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dying and kept saying every time that he would wake up enough to get a little bit toll drink, he kept saying, deacon, he had nicknames for just about everyone, he said deacon, i'll take care of the children. don't worry about the children. i'll take care of them and that kind of a supportive person. and was uncle warren to the family. and i guess that's all i have to say. >> what's your impression of -- >> thinking about something that comes out based on the relationship with carrie phillips and seen the letters of his loyalty, extreme loyalty, it was a political danger for him to continue the relationship with her. she was pushing him away often, especially after 1914 and during this time period. and ask him about the loyalty,
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she wasn't being very friendly to him, but he was very loyal and i guess that's a characteristic that some people considered to have caused him problems, too much loyalty to some of his sfration officials and see sometimes the quality that is very good but can trip you up. >> he writes to carrie phillips and this is in january of 1917, before the war breaks out, he says you might not wear yourself out. brother's illness was due to his overwork and he had a desperately narrow escape. he is better and i'm so relieved. it has taken a load off my mind.
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i knew his merits and usefulness and family of four children. he must live for them. of course, i would have been a real brother, but i could not take his place. it is so good that he is getting better. i could go and little would matter. so you get into this deep love that he had for his family that comes out in these letters, too. >> read jim's book and i would like to ask about the character question. did harding -- he was from a very religious family, wasn't he? his sister was a missionary. >> right. >> and the family was rather devout, i suppose. i didn't detect kind of moral him being boat therled
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personally by the morality of some of these actions. i wouldn't ask you to assess his soul, but it seemed like it didn't -- there were no dark nights of soul or woe is me. is that present at all? what is your take on that? >> the family can speak to this, but his mother became a seventh day adventist. and she became very religious, which is one of the reasons all these people in medicine, they are health-oriented. most famous institution is battle creek san tarium with dr. kellogg. they have a real strain of that in their family that comes from the mother. warren was old enough that he had been raised a baptist. everyone else in the family did. one of the sisters, in 1905, went to burma as a medical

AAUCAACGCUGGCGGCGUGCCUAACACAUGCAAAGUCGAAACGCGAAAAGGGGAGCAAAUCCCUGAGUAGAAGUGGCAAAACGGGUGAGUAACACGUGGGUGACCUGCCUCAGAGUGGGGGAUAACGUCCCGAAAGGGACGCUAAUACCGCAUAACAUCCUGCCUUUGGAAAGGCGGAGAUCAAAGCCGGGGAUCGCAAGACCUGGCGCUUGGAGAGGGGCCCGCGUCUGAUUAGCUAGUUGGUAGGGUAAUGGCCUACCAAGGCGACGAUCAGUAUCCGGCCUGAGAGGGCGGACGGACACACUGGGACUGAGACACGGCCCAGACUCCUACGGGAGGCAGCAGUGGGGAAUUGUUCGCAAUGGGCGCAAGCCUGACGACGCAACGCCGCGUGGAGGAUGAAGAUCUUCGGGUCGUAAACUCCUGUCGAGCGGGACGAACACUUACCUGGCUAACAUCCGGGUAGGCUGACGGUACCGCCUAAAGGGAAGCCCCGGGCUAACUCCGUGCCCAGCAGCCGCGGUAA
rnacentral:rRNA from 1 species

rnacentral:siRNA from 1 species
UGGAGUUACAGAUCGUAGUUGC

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missionary. so very interesting. what is interesting, when he gets to the war and you read these letters around the decision to go to war or not, and he is under enormous strain. his lover does not want to go to war. he knows if he votes for war that ohio is filled with german-americans who are mostly republicans and could be political suicide and decides to do so any way. he talks about how he silently goes over to pray before the senate is open. they always have the chaplain of the senate come out and pray and he tried to get guidance and he did pray. but he did not wear religion on his sleeve but he felt it. >> you don't detect any great sense of guilt in these letters. >> there's a sense of guilt. >> well diss guised. -- disguised. jim phillips was a good friend
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of his, carrie's husband. and he did have pangs of guilt. he wrote about it. jim at some point found out about it so did florence. but it's one of these stories that you know, you look at these people and you see both of them seemed to have had difficulties. harding's difficulties was that florence was so sick that they were not intimate. carrie was a sexual outlet and you will see that in spades. and that's fine. people should look at him as a real human being. i said before if our ancestors did not have sexual fantasies, none of us would be here today. \[laughter]
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>> to me, that's great. and richard, tell this story, he just met patrick kennedy last week and what did he say to you, richard? >> well -- kennedy and harding are the two senators to go straight from the senate to the presidency, the latest being barack obama. >> well, in so many words we were having dinner in a group setting for a meeting that we were at and i leaned over to him and said, patrick, we have a lot in common. and he said what is that? and he said, warren harding? and i said yeah. >> he said here's -- he's my hero. and i thought he was pulling my leg -- he said he's my hero. he said he has passion. most people don't have passion. he said and that's so important